Dunkin’ Donuts Tries Out Branded Selfie Lenses On Snapchat & Kik

What Happened
In honor of the National Donut Day, Dunkin’ Donuts became the latest brand to experiment with sponsored selfie lenses, a novel, camera-based ad unit that has been gaining traction among brands seeking to reach younger consumers on messaging platform. To celebrate the unofficial holiday, the Boston-based brand is running its first sponsored selfie lens on Snapchat, which will turn a user’s face into a donut. Along with the lens, the brand is also placing sponsored Geofilters in various locations around the country and will be running Snap Ads to promote a frozen coffee drink.

Meanwhile on Kik, Dunkin’ Donut will be the first brand to try out the branded video sticker, which, similarly to the selfie lenses, overlays a sticker on a user’s face during video calls (although it does not integrate the facial features as the lenses do). The brand created three different donut-themed video stickers that Kik users can have fun goofing up their video chats with.

What Brands Need To Do
With the proliferation of face-altering lens feature across messaging and social platforms, mainstream consumers are increasingly getting accustomed to these camera-powered AR features as a result. This is what is laying the groundwork for mobile-powered augmented reality to take off, which will allow brands to infiltrate their target audience’s photos and videos via sponsored Lens or branded AR objects.

Besides, this is a good time to think about ways for augmented reality to drive new opportunities for your brand. AR can, for example, be a great way for customers to envision your products in their lives and to launch digital experiences from signage or product packaging. What we can do now through a smartphone is just the beginning. As Microsoft’s HoloLens, Magic Leap, and the rumored Apple glasses roll out over the next few years, a lot more will become possible.

 


Source: AdWeek

Microsoft Overhauls Skype In The Camera-Centric Mold Of Snapchat

What Happened
Microsoft released the latest update to its IM and video call app Skype on Thursday that brought a complete overhaul to the app. Most significantly, the revamped app now makes the camera just one swipe away from the chats, encouraging users to snap more pictures to share with each other. The app also added a Highlights section, which functions very similar to the Story feature that was popularized by Snapchat and imitated by Facebook’s messaging platforms.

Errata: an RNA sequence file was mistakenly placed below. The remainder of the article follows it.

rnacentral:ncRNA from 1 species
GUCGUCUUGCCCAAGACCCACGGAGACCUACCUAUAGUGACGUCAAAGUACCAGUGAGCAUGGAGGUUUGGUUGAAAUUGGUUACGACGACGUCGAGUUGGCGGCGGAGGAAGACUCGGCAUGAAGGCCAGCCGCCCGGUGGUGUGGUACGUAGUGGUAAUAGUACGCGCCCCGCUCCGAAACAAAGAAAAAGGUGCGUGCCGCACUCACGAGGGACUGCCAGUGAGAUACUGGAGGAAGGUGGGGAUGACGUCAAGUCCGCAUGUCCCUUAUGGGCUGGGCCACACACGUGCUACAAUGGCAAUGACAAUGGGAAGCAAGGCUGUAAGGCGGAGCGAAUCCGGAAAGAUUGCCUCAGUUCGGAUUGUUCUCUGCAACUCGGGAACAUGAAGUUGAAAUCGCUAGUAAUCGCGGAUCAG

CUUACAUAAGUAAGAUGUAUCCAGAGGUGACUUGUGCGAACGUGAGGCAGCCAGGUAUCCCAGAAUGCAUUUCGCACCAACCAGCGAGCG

What Brands Need To Do
It seems unlikely this overhaul alone is enough to put Skype back into competition with the other popular consumer messaging and social apps, given that it has neither the user base or engagement that its competitors have. Last year, Microsoft shared that Skype has 300 million monthly active users when it introduced bots to the chat platform, an initiative that has gained little traction over the past year. In comparison, Facebook Messenger recently hit 1.2 billion monthly users, while Snapchat, an app much younger than Skype, now has over 166 million daily active users.

Nevertheless, this update underlines Microsoft’s intention to bring Skype up to speed in the messaging space and better cater to the shifting consumer preference towards ephemeral sharing. It also points to a larger trend in mobile UX design where the camera start to take the center stage as it increasingly becomes an input source for capturing content and understanding user intent.

For more information on how brands may tap into the rapid development in camera-based mobile AR features to create engaging customer experiences, please check out the Advanced Interfaces section of our Outlook 2017.

 


Source: TechCrunch

Header image courtesy of Skype

Blippar Announces AR Ad Unit & Visual Search For Cars

What Happened
Augmented reality solution provider Blippar announced two big additions to its platform. First up, the company is ready to launch what it claims to be “the first AR digital ad unit” that doesn’t require an app. This new ad product, named Augmented Reality Digital Placement (ARDP), will work with standard rich media banner ad units. Upon clicking, it would open a web-view window that, after users grant permission to access the camera, can superimpose ad creatives over the environment that the camera captures, and is viewable in 360-degree view. The creatives can be 3D models or static cut-outs from a 360-degree video. 

Secondly, Blippar is adding a “Shazam-for-cars” feature to its free mobile app that allows users to identify the make, model, and year of any U.S. car made since 2000 simply by pointing their camera at the car. The app will then surface relevant content such as average customer rating, price, a 360-degree view of the car’s interior. Blippar says it has achieved over 97.7% accuracy in automotive recognition, making it the highest in the industry. With this launch, the company is releasing a Car Recognition API that is available globally for companies to license and integrate into their own apps and products.

What Brands Need To Do